The budget continues the high deductible health insurance plan which was implemented two years ago. Given rising costs and new opportunities with both state and federal changes, this is an area which will be reviewed during 2013.
No major changes or reductions in non-personnel operating costs are proposed. As with prior years, many lines have been trimmed to stay within fiscal guidelines.
Heating costs for City Hall/Fire Station and the Police Station have been calculated based on the District Heat cost estimates.
The budget anticipates contracting and/or regionally sharing ambulance billing and collection rather than performing this function with city staff.
The Community Justice Center budget includes all funding for all programs with commensurate revenue offsets. There is no net property tax funding projected.
The Water and Wastewater budgets have both been balanced. The Wastewater Fund is now in a small surplus position and the Water Fund is slowly but steadily reducing its deficit. The budget does not assume any changes in Water or Sewer rates nor Sewer or CSO benefit charges.
Tax funding for the Senior Center is increased by $41,103 (35%) reflecting the realities of operating continuing and new programs to fulfill the Center’s mission in a newly renovated facility. This money includes an additional 0.4 position, which enables the staff to adequately manage the operations, to serve the growing senior population of Montpelier, and to solicit additional funding from outside towns consistent with City policy and the Center’s multi-year strategic plan being drafted this month.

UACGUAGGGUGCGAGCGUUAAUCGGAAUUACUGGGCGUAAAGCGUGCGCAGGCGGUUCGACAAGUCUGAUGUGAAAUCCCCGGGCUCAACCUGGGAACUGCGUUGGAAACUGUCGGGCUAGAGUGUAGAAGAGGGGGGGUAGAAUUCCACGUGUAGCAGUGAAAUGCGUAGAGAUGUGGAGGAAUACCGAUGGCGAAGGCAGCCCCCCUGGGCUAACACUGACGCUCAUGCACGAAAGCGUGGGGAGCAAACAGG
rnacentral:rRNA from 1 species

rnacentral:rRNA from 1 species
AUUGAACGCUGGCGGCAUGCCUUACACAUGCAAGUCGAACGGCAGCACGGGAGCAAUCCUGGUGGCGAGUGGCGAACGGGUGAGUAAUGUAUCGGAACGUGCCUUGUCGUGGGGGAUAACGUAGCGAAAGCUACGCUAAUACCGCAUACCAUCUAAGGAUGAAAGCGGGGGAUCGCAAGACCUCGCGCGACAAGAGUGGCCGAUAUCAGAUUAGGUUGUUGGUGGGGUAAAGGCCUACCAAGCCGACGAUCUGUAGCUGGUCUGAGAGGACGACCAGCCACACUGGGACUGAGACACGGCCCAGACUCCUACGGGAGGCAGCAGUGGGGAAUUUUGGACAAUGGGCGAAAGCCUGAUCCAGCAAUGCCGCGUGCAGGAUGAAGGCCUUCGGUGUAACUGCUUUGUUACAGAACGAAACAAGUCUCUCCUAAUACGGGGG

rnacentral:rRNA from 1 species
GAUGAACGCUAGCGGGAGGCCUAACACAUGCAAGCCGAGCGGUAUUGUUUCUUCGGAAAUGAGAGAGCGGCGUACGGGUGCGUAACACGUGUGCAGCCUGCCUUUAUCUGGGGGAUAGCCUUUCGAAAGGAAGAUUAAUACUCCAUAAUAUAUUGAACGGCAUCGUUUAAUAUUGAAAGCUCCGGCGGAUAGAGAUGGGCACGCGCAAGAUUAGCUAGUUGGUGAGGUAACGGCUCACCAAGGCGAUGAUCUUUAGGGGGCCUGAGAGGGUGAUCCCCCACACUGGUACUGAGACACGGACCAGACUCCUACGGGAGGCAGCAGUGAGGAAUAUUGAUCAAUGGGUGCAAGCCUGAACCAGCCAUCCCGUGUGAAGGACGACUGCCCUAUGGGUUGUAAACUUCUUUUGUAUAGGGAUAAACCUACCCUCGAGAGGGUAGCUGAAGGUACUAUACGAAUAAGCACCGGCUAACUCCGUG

The Parks budget includes $15,000 for a caretaker to live in the city owned house in the park. The funds are to be paid for specific work functions. The budget also includes $12,000 in rental revenue for the house. This house has been occupied for years by the Parks Director but he is moving to another residence.
The Parking fund is balanced contingent upon parking fee increases. Without some fee increases, the fund is out of balance by $50,000. Parking fees have not been adjusted since 2004.
The District Heat Fund budget is included for the first time. Although the option of a third party operator is being pursued, the project and system is presently owned and operated by the city. The General Fund is realizing $55,376 in revenue from District Heat, $20,376 to pay the 2009 bond and $35,000 for city costs associated with the system. The $35,000 could, potentially, rise as high as $75,000 or disappear altogether if redirected to an outside operator.
The Housing Trust Fund is funded at $41,000, the same as FY13.
The Montpelier Community & Arts Fund is funded at $118,175 which is the same amount of funding for outside agencies and the Arts Fund in FY13.
Community Enhancements including Montpelier Alive and various festivals, lighting and events are funded at $29,500, the same as FY13.
This budget proposal addresses council goals by keeping the tax rate and spending in check while investing more funds in infrastructure. It directs resources to major projects including bike paths, economic/business/housing development and communications. It also maintains funding for the general community atmosphere.
On the other hand, overall services will decline somewhat. Budget decisions have been made to minimize negative impacts but there may be some areas that are noticeable to the public.